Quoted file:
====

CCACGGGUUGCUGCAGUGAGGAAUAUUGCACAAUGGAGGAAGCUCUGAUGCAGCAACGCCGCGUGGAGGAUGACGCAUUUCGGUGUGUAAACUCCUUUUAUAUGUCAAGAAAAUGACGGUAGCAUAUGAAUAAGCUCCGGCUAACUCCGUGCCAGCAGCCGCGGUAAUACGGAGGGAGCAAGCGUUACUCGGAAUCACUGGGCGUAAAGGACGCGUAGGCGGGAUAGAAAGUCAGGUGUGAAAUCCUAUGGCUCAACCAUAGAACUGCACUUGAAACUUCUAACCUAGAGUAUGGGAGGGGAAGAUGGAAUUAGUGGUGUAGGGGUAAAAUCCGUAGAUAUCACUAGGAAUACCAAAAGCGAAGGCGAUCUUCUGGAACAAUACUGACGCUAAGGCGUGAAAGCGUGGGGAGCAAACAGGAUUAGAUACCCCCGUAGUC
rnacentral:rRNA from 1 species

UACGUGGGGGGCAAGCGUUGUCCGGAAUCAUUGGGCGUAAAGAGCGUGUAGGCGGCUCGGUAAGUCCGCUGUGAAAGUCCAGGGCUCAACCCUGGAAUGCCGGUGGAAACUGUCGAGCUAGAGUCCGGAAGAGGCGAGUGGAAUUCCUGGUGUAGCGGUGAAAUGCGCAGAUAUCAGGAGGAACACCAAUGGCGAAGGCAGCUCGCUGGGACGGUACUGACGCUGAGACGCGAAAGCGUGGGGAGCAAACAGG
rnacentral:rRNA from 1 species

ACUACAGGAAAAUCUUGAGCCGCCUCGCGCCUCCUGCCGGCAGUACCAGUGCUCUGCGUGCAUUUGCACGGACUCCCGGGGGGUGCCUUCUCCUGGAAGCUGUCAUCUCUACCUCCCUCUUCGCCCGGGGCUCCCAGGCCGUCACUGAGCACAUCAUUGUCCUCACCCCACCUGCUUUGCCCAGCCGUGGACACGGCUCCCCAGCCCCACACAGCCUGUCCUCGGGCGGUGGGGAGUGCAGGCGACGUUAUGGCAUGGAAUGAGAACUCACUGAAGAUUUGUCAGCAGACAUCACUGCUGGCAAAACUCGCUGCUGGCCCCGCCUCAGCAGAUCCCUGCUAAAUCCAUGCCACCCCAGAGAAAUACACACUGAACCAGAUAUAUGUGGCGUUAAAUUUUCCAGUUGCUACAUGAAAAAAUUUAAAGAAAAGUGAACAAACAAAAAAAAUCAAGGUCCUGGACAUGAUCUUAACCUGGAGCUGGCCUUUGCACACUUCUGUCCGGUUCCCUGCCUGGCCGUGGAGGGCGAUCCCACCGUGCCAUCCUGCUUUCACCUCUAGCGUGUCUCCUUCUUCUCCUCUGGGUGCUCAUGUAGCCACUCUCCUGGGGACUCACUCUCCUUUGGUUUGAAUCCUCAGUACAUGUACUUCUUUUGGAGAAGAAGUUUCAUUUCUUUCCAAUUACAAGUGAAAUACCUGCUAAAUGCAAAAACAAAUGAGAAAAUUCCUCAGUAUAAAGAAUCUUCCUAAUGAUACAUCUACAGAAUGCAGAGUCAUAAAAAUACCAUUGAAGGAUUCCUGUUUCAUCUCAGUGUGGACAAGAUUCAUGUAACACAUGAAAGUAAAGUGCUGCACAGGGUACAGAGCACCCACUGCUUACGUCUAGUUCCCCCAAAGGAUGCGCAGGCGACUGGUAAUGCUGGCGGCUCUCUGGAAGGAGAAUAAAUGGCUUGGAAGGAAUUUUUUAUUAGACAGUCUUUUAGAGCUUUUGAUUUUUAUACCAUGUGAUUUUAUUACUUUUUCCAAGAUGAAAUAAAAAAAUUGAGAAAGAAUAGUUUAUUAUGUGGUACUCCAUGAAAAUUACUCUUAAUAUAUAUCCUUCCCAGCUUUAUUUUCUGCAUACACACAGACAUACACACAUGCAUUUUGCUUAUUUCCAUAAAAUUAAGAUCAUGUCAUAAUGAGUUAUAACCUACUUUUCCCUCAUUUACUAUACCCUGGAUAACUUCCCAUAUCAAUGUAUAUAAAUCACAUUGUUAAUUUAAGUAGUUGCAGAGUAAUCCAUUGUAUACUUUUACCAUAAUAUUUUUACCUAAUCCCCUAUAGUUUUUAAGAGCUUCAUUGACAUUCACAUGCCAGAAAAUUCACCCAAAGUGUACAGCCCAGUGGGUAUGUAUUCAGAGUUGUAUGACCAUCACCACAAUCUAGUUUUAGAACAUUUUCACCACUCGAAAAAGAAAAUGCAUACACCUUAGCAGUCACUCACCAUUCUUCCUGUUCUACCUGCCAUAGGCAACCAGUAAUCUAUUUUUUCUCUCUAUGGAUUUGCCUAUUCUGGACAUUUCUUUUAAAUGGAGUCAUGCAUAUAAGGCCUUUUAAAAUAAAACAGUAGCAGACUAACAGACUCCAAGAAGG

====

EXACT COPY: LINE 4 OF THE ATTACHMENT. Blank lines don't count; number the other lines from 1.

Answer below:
rnacentral:rRNA from 1 species